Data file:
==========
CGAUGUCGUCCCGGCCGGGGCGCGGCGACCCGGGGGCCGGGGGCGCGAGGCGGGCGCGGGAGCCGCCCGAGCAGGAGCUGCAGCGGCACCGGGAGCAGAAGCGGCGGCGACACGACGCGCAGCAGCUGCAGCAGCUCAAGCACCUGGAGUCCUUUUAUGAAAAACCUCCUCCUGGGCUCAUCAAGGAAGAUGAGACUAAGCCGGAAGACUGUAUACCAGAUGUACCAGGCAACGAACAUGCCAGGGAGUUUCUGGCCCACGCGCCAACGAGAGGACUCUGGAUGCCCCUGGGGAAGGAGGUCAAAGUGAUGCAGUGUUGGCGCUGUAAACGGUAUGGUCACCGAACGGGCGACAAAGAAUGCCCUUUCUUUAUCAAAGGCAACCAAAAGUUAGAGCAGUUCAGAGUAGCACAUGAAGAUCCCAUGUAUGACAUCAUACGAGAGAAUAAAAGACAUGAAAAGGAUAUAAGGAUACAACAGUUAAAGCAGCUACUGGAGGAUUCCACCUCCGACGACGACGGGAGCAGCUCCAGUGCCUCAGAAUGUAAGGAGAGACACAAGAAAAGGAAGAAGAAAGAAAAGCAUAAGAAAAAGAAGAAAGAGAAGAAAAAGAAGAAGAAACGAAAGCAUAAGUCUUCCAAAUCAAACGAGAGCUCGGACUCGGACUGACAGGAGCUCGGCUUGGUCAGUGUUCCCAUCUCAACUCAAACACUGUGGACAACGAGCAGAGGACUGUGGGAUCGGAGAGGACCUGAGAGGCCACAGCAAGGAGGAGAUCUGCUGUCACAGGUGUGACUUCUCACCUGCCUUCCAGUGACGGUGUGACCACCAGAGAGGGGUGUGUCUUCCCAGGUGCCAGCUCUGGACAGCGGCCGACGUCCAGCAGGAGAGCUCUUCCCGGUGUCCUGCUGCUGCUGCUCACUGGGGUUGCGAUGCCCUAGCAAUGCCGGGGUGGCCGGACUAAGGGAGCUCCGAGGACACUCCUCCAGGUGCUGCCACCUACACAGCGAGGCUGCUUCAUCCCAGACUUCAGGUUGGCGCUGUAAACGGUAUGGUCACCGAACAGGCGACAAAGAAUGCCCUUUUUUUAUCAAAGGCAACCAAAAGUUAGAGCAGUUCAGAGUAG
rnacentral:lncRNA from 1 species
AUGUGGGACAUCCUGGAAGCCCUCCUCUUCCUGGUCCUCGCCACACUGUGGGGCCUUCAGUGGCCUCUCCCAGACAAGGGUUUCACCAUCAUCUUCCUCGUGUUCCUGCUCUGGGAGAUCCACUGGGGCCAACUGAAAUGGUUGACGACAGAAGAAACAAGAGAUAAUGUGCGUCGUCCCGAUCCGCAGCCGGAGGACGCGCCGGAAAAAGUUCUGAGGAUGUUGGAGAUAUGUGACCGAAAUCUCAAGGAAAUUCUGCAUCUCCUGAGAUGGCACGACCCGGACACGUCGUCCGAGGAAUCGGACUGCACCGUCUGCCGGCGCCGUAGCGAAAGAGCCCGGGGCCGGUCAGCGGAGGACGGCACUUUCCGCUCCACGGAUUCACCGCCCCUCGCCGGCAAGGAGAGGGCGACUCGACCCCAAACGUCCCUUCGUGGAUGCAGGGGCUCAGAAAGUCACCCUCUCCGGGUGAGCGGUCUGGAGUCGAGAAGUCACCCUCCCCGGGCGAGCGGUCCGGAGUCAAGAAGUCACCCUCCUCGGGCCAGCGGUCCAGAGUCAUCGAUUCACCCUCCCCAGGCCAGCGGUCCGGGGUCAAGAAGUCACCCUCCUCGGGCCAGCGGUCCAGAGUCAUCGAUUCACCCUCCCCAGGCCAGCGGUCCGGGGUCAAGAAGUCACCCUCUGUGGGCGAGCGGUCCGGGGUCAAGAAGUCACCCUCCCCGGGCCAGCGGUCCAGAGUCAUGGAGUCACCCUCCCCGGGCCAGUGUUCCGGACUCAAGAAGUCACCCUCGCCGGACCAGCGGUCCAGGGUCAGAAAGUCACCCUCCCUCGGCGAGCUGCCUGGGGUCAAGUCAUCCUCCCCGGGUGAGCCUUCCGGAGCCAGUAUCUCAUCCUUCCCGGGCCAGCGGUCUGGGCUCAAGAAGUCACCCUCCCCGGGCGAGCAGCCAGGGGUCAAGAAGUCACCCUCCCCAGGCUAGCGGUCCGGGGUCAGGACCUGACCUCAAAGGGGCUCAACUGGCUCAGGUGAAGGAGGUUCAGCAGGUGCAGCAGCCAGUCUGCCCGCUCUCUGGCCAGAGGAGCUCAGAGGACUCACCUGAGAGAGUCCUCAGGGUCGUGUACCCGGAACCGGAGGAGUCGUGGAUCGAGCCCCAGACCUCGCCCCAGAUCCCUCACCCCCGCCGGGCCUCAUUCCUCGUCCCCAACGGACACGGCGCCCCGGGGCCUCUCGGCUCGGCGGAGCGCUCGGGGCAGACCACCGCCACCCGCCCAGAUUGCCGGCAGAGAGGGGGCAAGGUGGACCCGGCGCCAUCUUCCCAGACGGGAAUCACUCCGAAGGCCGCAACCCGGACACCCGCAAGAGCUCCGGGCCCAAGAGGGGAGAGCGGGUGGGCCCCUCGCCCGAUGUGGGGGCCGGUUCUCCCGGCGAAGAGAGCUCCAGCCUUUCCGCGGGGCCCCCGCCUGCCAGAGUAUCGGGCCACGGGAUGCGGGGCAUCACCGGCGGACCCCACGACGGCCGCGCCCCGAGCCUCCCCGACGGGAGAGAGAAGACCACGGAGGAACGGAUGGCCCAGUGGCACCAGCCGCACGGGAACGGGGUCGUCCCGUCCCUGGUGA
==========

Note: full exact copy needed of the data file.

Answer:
CGAUGUCGUCCCGGCCGGGGCGCGGCGACCCGGGGGCCGGGGGCGCGAGGCGGGCGCGGGAGCCGCCCGAGCAGGAGCUGCAGCGGCACCGGGAGCAGAAGCGGCGGCGACACGACGCGCAGCAGCUGCAGCAGCUCAAGCACCUGGAGUCCUUUUAUGAAAAACCUCCUCCUGGGCUCAUCAAGGAAGAUGAGACUAAGCCGGAAGACUGUAUACCAGAUGUACCAGGCAACGAACAUGCCAGGGAGUUUCUGGCCCACGCGCCAACGAGAGGACUCUGGAUGCCCCUGGGGAAGGAGGUCAAAGUGAUGCAGUGUUGGCGCUGUAAACGGUAUGGUCACCGAACGGGCGACAAAGAAUGCCCUUUCUUUAUCAAAGGCAACCAAAAGUUAGAGCAGUUCAGAGUAGCACAUGAAGAUCCCAUGUAUGACAUCAUACGAGAGAAUAAAAGACAUGAAAAGGAUAUAAGGAUACAACAGUUAAAGCAGCUACUGGAGGAUUCCACCUCCGACGACGACGGGAGCAGCUCCAGUGCCUCAGAAUGUAAGGAGAGACACAAGAAAAGGAAGAAGAAAGAAAAGCAUAAGAAAAAGAAGAAAGAGAAGAAAAAGAAGAAGAAACGAAAGCAUAAGUCUUCCAAAUCAAACGAGAGCUCGGACUCGGACUGACAGGAGCUCGGCUUGGUCAGUGUUCCCAUCUCAACUCAAACACUGUGGACAACGAGCAGAGGACUGUGGGAUCGGAGAGGACCUGAGAGGCCACAGCAAGGAGGAGAUCUGCUGUCACAGGUGUGACUUCUCACCUGCCUUCCAGUGACGGUGUGACCACCAGAGAGGGGUGUGUCUUCCCAGGUGCCAGCUCUGGACAGCGGCCGACGUCCAGCAGGAGAGCUCUUCCCGGUGUCCUGCUGCUGCUGCUCACUGGGGUUGCGAUGCCCUAGCAAUGCCGGGGUGGCCGGACUAAGGGAGCUCCGAGGACACUCCUCCAGGUGCUGCCACCUACACAGCGAGGCUGCUUCAUCCCAGACUUCAGGUUGGCGCUGUAAACGGUAUGGUCACCGAACAGGCGACAAAGAAUGCCCUUUUUUUAUCAAAGGCAACCAAAAGUUAGAGCAGUUCAGAGUAG
rnacentral:lncRNA from 1 species
AUGUGGGACAUCCUGGAAGCCCUCCUCUUCCUGGUCCUCGCCACACUGUGGGGCCUUCAGUGGCCUCUCCCAGACAAGGGUUUCACCAUCAUCUUCCUCGUGUUCCUGCUCUGGGAGAUCCACUGGGGCCAACUGAAAUGGUUGACGACAGAAGAAACAAGAGAUAAUGUGCGUCGUCCCGAUCCGCAGCCGGAGGACGCGCCGGAAAAAGUUCUGAGGAUGUUGGAGAUAUGUGACCGAAAUCUCAAGGAAAUUCUGCAUCUCCUGAGAUGGCACGACCCGGACACGUCGUCCGAGGAAUCGGACUGCACCGUCUGCCGGCGCCGUAGCGAAAGAGCCCGGGGCCGGUCAGCGGAGGACGGCACUUUCCGCUCCACGGAUUCACCGCCCCUCGCCGGCAAGGAGAGGGCGACUCGACCCCAAACGUCCCUUCGUGGAUGCAGGGGCUCAGAAAGUCACCCUCUCCGGGUGAGCGGUCUGGAGUCGAGAAGUCACCCUCCCCGGGCGAGCGGUCCGGAGUCAAGAAGUCACCCUCCUCGGGCCAGCGGUCCAGAGUCAUCGAUUCACCCUCCCCAGGCCAGCGGUCCGGGGUCAAGAAGUCACCCUCCUCGGGCCAGCGGUCCAGAGUCAUCGAUUCACCCUCCCCAGGCCAGCGGUCCGGGGUCAAGAAGUCACCCUCUGUGGGCGAGCGGUCCGGGGUCAAGAAGUCACCCUCCCCGGGCCAGCGGUCCAGAGUCAUGGAGUCACCCUCCCCGGGCCAGUGUUCCGGACUCAAGAAGUCACCCUCGCCGGACCAGCGGUCCAGGGUCAGAAAGUCACCCUCCCUCGGCGAGCUGCCUGGGGUCAAGUCAUCCUCCCCGGGUGAGCCUUCCGGAGCCAGUAUCUCAUCCUUCCCGGGCCAGCGGUCUGGGCUCAAGAAGUCACCCUCCCCGGGCGAGCAGCCAGGGGUCAAGAAGUCACCCUCCCCAGGCUAGCGGUCCGGGGUCAGGACCUGACCUCAAAGGGGCUCAACUGGCUCAGGUGAAGGAGGUUCAGCAGGUGCAGCAGCCAGUCUGCCCGCUCUCUGGCCAGAGGAGCUCAGAGGACUCACCUGAGAGAGUCCUCAGGGUCGUGUACCCGGAACCGGAGGAGUCGUGGAUCGAGCCCCAGACCUCGCCCCAGAUCCCUCACCCCCGCCGGGCCUCAUUCCUCGUCCCCAACGGACACGGCGCCCCGGGGCCUCUCGGCUCGGCGGAGCGCUCGGGGCAGACCACCGCCACCCGCCCAGAUUGCCGGCAGAGAGGGGGCAAGGUGGACCCGGCGCCAUCUUCCCAGACGGGAAUCACUCCGAAGGCCGCAACCCGGACACCCGCAAGAGCUCCGGGCCCAAGAGGGGAGAGCGGGUGGGCCCCUCGCCCGAUGUGGGGGCCGGUUCUCCCGGCGAAGAGAGCUCCAGCCUUUCCGCGGGGCCCCCGCCUGCCAGAGUAUCGGGCCACGGGAUGCGGGGCAUCACCGGCGGACCCCACGACGGCCGCGCCCCGAGCCUCCCCGACGGGAGAGAGAAGACCACGGAGGAACGGAUGGCCCAGUGGCACCAGCCGCACGGGAACGGGGUCGUCCCGUCCCUGGUGA